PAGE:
Once you have negotiated the contract to purchase your dream home you have more negotiating left to do! All homes in Maryland and DC are sold in as is condition, but you can still have a home inspection if you provided for one in your contract to purchase. Here is an explanation of the home inspection process in Maryland and the District of Columbia.
The home inspection process can be tricky, especially in competitive markets where sellers may have multiple offers to work with. Even so, you should not purchase a property without ensuring your home is in proper condition before move-in. If you don’t think that you can ask for an inspection contingency, ask if you can do an inspection before you make the offer on the property. The seller may agree but ask that if you decide not to move forward with an offer that you not provide them with a copy of the inspection. On the seller’s side, ignorance is bliss! That is fine as far as you are concerned. The pre-offer inspection can be less expensive than a full inspection if the inspector is just checking major systems, the roof, foundation, and appliances to give you confidence that the house is generally in working order. If you are making an offer without a home inspection contingency, it doesn’t really matter to your negotiations if the clock on the stove is a few minutes slow!
Assuming that your contract allows for a home inspection, it will also specify the number of days in which you have to complete the home inspection and provide the seller with a copy of the inspection report and your requested repairs or seller concessions in lieu of repairs.
In a spring market when lots of people are buying a home and keeping the inspectors very busy, you want to make sure that your contract allows enough time for the home inspection. You should probably have at least 7 days for the home inspection and 9 days (or 10) for the radon inspection. Remember that time is of the essence in this contract provision. If you miss the deadline, you have lost the opportunity to ask for repairs. Once you ask for repairs, the seller has three days in which to respond, and then you have three days to respond in kind. Pay attention to the language of your contract and the deadlines. They are real!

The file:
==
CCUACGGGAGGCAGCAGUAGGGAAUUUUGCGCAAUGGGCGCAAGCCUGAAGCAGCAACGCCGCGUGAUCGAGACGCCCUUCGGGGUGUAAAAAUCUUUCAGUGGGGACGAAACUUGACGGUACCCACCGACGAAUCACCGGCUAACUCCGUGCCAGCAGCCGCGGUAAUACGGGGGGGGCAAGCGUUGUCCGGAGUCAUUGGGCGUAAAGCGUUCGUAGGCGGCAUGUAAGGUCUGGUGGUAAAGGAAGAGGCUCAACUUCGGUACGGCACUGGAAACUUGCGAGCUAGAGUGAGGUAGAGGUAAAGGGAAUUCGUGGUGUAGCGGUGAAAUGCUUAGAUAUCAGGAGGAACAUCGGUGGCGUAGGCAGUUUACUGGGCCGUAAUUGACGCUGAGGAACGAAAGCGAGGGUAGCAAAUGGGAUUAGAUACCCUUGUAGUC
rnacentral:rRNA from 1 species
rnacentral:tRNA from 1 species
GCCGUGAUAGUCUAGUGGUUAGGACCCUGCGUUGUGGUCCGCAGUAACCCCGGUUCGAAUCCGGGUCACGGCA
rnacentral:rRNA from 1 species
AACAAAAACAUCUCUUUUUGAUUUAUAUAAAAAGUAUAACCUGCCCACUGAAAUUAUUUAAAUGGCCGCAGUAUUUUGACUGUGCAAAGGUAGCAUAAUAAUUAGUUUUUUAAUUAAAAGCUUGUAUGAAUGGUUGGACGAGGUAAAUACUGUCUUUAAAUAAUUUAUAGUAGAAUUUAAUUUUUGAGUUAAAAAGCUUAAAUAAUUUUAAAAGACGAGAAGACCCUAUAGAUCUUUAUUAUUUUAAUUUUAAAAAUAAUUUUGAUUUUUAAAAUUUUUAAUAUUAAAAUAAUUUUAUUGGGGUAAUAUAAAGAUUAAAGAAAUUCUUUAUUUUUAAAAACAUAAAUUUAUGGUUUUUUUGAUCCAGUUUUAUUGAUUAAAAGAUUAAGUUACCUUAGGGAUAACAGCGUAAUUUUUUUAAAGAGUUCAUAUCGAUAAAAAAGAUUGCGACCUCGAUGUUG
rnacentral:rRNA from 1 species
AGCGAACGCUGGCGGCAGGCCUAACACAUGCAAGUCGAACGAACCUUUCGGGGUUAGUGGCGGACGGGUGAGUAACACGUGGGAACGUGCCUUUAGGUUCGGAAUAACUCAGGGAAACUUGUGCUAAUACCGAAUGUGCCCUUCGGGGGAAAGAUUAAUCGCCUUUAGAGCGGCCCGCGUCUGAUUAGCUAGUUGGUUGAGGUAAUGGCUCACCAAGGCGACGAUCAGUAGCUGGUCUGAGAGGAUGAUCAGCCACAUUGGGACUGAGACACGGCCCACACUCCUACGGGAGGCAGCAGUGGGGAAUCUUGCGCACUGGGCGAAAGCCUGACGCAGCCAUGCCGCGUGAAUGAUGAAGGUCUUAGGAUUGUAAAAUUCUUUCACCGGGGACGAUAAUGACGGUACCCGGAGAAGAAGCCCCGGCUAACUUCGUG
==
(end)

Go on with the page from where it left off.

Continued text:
Finding a qualified home inspector who will thoroughly examine your property after the contract is ratified is key. Your real estate agent will probably have some suggestions of home inspectors that he or she has used on a regular basis. Alternatively you can ask your friends for recommendations.
You should have received a copy of the seller disclosure/disclaimer statement before you made an offer. In Maryland, sellers are legally required to complete either a disclosure or a disclaimer statement. Regardless of which form the sellers chooses to complete, they must disclose any latent defects. This form should give you some good information about the condition of the home you are buying, such as the age of the roof and whether the basement has had water issues. It may also give your inspector some hints of areas which deserve closer inspection.
Attend the Inspection with Your Agent
You should plan to attend the inspection yourself. Seeing an inspection first-hand allows you to get a feel for your future home and map out items like the water turn off valves and electrical panel locations for future reference.